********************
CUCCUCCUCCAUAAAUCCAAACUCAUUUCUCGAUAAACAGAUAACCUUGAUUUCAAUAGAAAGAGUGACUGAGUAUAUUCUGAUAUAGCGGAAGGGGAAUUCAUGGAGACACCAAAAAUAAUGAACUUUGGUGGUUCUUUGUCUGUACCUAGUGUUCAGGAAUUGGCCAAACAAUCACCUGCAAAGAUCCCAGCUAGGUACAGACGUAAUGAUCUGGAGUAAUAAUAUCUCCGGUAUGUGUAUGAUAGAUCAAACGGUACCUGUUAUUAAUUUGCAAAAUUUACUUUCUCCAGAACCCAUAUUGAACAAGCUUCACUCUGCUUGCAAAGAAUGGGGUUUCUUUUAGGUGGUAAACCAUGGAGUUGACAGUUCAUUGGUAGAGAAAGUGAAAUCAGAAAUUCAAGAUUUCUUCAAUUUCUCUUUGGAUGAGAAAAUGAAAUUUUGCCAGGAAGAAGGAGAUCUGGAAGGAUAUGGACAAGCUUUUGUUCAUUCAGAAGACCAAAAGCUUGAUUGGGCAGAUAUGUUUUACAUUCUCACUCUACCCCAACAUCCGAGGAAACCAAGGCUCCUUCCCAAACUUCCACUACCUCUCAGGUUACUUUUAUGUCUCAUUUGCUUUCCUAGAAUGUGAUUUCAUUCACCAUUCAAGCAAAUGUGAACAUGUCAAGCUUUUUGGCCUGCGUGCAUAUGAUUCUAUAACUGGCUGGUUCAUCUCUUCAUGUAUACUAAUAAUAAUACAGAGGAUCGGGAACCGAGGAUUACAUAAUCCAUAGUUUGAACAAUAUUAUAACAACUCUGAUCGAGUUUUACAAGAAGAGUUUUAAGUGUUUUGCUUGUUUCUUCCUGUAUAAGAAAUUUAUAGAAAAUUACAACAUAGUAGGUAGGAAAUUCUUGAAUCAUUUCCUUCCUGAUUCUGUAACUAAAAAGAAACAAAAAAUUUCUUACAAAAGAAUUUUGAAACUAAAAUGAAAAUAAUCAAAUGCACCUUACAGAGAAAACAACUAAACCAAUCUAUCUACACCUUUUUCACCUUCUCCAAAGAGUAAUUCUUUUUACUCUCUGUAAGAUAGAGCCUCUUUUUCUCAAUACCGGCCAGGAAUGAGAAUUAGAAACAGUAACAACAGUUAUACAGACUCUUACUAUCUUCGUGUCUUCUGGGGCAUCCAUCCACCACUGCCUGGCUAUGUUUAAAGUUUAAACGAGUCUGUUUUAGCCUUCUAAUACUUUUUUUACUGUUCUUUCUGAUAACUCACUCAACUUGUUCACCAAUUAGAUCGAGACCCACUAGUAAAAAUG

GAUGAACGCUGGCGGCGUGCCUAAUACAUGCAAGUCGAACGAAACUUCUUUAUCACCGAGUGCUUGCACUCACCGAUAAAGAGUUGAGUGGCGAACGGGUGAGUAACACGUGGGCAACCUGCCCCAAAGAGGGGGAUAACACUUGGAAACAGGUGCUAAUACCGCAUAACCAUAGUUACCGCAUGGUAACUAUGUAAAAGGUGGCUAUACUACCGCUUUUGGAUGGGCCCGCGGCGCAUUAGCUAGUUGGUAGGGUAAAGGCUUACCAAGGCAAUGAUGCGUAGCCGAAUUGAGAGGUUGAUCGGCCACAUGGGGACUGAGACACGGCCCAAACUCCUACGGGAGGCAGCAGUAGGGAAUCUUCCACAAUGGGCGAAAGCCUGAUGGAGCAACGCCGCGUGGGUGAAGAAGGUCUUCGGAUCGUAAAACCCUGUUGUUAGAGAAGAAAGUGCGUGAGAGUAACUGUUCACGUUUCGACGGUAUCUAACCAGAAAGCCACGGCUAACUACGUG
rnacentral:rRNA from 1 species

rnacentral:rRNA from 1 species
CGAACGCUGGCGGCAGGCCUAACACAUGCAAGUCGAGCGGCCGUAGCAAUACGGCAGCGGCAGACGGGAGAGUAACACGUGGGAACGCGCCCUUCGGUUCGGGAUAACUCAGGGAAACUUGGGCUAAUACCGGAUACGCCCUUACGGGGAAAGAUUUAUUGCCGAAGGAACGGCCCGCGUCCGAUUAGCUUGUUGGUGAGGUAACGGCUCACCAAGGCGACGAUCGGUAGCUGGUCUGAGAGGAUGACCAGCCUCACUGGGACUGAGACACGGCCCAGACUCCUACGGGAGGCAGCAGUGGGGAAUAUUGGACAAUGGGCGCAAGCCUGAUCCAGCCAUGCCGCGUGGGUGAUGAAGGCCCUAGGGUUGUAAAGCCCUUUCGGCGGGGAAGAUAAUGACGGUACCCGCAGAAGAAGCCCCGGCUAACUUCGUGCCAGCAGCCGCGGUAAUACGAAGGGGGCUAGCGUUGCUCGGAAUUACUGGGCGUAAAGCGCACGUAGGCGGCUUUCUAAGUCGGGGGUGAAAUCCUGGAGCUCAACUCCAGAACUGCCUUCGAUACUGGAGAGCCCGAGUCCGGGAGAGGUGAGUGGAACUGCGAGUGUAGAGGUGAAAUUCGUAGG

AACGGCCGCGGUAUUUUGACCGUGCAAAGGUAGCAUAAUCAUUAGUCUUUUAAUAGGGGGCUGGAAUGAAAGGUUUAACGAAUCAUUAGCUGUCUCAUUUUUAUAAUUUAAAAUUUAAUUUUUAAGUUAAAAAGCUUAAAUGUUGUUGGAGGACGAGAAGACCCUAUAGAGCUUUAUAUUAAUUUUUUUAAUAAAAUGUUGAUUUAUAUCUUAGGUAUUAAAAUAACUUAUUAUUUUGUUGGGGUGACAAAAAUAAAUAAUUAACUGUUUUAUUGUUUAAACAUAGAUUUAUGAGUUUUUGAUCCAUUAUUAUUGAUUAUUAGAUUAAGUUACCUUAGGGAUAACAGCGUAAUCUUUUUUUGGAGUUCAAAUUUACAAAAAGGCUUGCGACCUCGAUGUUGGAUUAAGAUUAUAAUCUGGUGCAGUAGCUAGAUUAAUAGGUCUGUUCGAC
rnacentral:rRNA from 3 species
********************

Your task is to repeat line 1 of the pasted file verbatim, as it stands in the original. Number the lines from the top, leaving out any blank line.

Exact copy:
CUCCUCCUCCAUAAAUCCAAACUCAUUUCUCGAUAAACAGAUAACCUUGAUUUCAAUAGAAAGAGUGACUGAGUAUAUUCUGAUAUAGCGGAAGGGGAAUUCAUGGAGACACCAAAAAUAAUGAACUUUGGUGGUUCUUUGUCUGUACCUAGUGUUCAGGAAUUGGCCAAACAAUCACCUGCAAAGAUCCCAGCUAGGUACAGACGUAAUGAUCUGGAGUAAUAAUAUCUCCGGUAUGUGUAUGAUAGAUCAAACGGUACCUGUUAUUAAUUUGCAAAAUUUACUUUCUCCAGAACCCAUAUUGAACAAGCUUCACUCUGCUUGCAAAGAAUGGGGUUUCUUUUAGGUGGUAAACCAUGGAGUUGACAGUUCAUUGGUAGAGAAAGUGAAAUCAGAAAUUCAAGAUUUCUUCAAUUUCUCUUUGGAUGAGAAAAUGAAAUUUUGCCAGGAAGAAGGAGAUCUGGAAGGAUAUGGACAAGCUUUUGUUCAUUCAGAAGACCAAAAGCUUGAUUGGGCAGAUAUGUUUUACAUUCUCACUCUACCCCAACAUCCGAGGAAACCAAGGCUCCUUCCCAAACUUCCACUACCUCUCAGGUUACUUUUAUGUCUCAUUUGCUUUCCUAGAAUGUGAUUUCAUUCACCAUUCAAGCAAAUGUGAACAUGUCAAGCUUUUUGGCCUGCGUGCAUAUGAUUCUAUAACUGGCUGGUUCAUCUCUUCAUGUAUACUAAUAAUAAUACAGAGGAUCGGGAACCGAGGAUUACAUAAUCCAUAGUUUGAACAAUAUUAUAACAACUCUGAUCGAGUUUUACAAGAAGAGUUUUAAGUGUUUUGCUUGUUUCUUCCUGUAUAAGAAAUUUAUAGAAAAUUACAACAUAGUAGGUAGGAAAUUCUUGAAUCAUUUCCUUCCUGAUUCUGUAACUAAAAAGAAACAAAAAAUUUCUUACAAAAGAAUUUUGAAACUAAAAUGAAAAUAAUCAAAUGCACCUUACAGAGAAAACAACUAAACCAAUCUAUCUACACCUUUUUCACCUUCUCCAAAGAGUAAUUCUUUUUACUCUCUGUAAGAUAGAGCCUCUUUUUCUCAAUACCGGCCAGGAAUGAGAAUUAGAAACAGUAACAACAGUUAUACAGACUCUUACUAUCUUCGUGUCUUCUGGGGCAUCCAUCCACCACUGCCUGGCUAUGUUUAAAGUUUAAACGAGUCUGUUUUAGCCUUCUAAUACUUUUUUUACUGUUCUUUCUGAUAACUCACUCAACUUGUUCACCAAUUAGAUCGAGACCCACUAGUAAAAAUG